Review by Booklist Review
The first case in Quebec for National Community Policing detectives Esa Khattak and Rachel Getty's (last seen in A Dangerous Crossing, 2018) proves personally and professionally dangerous. In Saint-Isidore-du-Lac, dozens of worshippers have been murdered in the town's mosque. Young congregant Amadou Duchon is arrested as he runs from the mosque. Inside, the town's priest, Father Etienne Roy, is found holding an automatic rifle, but somehow isn't detained by the Sûreté de Québec. As activist Diana Shehadeh stirs media and protestors, Isabelle Clement arrives to represent Quebec's premier, and the town's white nationalist Wolf Brotherhood vows to protect Quebecois culture by any means necessary. Esa and Rachel attempt to awaken the lead detective, Christian Lemaire, to evidence of alternative suspects, but Esa is off his game, shaken by the enraged anti-Muslim movement infecting Quebec and unexpected emotions sparked by the involvement of Alizah Siddiqui, whom he connected with on an earlier case. Khan masterfully weaves story-driving character development and pitch-perfect investigation with timely social commentary on the impact of cultural tensions.--Christine Tran Copyright 2010 Booklist
From Booklist, Copyright (c) American Library Association. Used with permission.
Review by Publisher's Weekly Review
Issues of religion, culture, and racism take center stage in Khan's outstanding fifth novel featuring Insp. Esa Khattak, the Torontobased head of Canada's Community Policing Section (after 2018's A Dangerous Crossing). Esa and his partner, Sgt. Rachel Getty, travel to the small Quebec town of SaintIsidoreduLac, where eight people have been shot dead in a mosque in an apparent hate crime. The local police, led by racist Insp. Christian Lemaire of the Sûreté du Quebec, quickly arrest Amadou Duchon, a young Muslim man who was at the scene helping the wounded. The Quebec police also conduct a superficial interview with priest Étienne Roy, who was holding the murder weapon, before releasing him. The priest denies having fired it. In the course of their investigation, Esa and Rachel find a town divided by cultural differences, egged on by a rightwing radio host, and panicked by immigrants and the small Muslim community whose religion is compromised by Quebec's controversial Codes of Conduct, which favor Catholics. Khan perceptively explores how fear can quickly erupt into violence. Agent: Danielle Burby, Hannigan Salky Getzler. (Feb.) © Copyright PWxyz, LLC. All rights reserved.
(c) Copyright PWxyz, LLC. All rights reserved
Review by Kirkus Book Review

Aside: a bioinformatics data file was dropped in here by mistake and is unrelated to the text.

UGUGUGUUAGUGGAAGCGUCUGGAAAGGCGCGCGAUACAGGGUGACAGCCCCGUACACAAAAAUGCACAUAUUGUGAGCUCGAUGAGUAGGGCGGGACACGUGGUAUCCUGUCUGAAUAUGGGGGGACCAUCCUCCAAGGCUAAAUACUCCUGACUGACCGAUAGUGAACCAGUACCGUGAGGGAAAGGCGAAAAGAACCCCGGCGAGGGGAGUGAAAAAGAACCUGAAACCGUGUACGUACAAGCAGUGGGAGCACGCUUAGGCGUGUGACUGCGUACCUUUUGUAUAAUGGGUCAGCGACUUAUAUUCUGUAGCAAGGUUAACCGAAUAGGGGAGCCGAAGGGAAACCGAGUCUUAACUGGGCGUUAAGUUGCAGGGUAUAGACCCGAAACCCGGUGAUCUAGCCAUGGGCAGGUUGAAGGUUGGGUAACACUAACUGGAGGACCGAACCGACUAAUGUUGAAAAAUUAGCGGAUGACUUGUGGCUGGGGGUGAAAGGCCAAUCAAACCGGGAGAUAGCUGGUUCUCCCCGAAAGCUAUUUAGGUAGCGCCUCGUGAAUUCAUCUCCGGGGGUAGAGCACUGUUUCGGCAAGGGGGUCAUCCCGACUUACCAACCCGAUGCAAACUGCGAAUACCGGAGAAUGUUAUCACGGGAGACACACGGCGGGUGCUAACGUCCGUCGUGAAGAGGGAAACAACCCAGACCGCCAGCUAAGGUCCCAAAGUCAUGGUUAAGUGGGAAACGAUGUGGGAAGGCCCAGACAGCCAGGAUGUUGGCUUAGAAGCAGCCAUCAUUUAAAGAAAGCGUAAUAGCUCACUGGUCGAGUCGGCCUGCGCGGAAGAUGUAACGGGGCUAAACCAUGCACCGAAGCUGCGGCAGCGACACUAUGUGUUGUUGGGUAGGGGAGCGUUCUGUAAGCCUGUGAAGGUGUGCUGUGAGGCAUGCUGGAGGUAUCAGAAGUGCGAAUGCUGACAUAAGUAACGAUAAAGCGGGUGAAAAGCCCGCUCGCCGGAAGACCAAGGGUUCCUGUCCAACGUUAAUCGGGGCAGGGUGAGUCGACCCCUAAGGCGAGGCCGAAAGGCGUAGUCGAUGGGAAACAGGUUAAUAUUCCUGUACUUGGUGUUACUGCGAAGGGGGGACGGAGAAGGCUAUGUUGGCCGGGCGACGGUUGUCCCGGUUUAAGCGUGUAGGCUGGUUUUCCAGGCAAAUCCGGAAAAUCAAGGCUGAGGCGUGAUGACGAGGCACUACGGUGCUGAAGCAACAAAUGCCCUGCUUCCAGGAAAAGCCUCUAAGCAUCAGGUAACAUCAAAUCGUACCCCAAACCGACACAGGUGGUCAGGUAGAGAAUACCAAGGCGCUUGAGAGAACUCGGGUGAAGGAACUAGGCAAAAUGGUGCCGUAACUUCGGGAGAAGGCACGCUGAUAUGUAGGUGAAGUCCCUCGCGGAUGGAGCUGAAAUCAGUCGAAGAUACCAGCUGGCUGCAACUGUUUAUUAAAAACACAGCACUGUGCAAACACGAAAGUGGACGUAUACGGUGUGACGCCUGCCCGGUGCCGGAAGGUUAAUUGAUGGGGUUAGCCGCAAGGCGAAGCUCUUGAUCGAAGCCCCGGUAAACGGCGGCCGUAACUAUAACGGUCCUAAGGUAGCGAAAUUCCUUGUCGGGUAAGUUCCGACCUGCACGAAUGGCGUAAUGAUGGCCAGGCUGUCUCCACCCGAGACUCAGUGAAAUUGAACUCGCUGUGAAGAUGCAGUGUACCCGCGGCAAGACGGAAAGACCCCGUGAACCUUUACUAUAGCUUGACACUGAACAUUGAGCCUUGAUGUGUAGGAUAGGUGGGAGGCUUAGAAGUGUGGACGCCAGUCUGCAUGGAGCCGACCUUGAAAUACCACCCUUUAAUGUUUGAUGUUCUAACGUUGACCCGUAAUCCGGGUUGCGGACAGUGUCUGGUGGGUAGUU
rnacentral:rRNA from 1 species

A sadly relevant look at the consequences of racism and bigotry.Esa Khattak and his partner, Sgt. Rachel Getty, are the mainstays of Canada's Community Policing Department, which deals with hate crimes and terrorism. Their latest case takes them from their Toronto base to a small Quebecois town where someone has just massacred members of the local mosque. Both Rachel and Esa, who is a second-generation Canadian Muslim, are deeply disturbed when they receive a hostile reception from Christian Lemaire, the officer in charge. Prejudice is clearly at work when local priest Father Roy, who was found at the scene with a rifle in his hands, is escorted away, while Amadou Duchon, a young black member of the mosque, is arrested. Scores of reporters, community activists, and the premier's press liaison descend on the town with their very different agendas. The crimes seem almost to have been committed by two different people. The women were all calmly shot with a handgun in the basement; a violent rage upstairs apparently fueled the deaths and woundings of dozens of men with an assault rifle. Esa, who always gets intensely invested in his cases, becomes even more so because of the involvement of university student Alizah Siddiqui, whose sister's murder he investigated (A Dangerous Crossing, 2018). Alizah has a campus radio talk show that constantly battles another station intent on stirring up hatred in an area where Francophile sentiment already runs deep. The neo-Nazi Wolf Allegiance is run by Maxime Thibault, an arrogant preppy who has a love-hate relationship with Alizah. Rachel is both attracted to Lemaire and deeply distrustful of him and other police officers she suspects of bigotry. Khan peoples her police procedural with believably nuanced characters to highlight the consequences of hate.The tension never lets down in this horrifying look at mass murder and the often mundane factors that inspire it. Copyright Kirkus Reviews, used with permission.
Copyright (c) Kirkus Reviews, used with permission.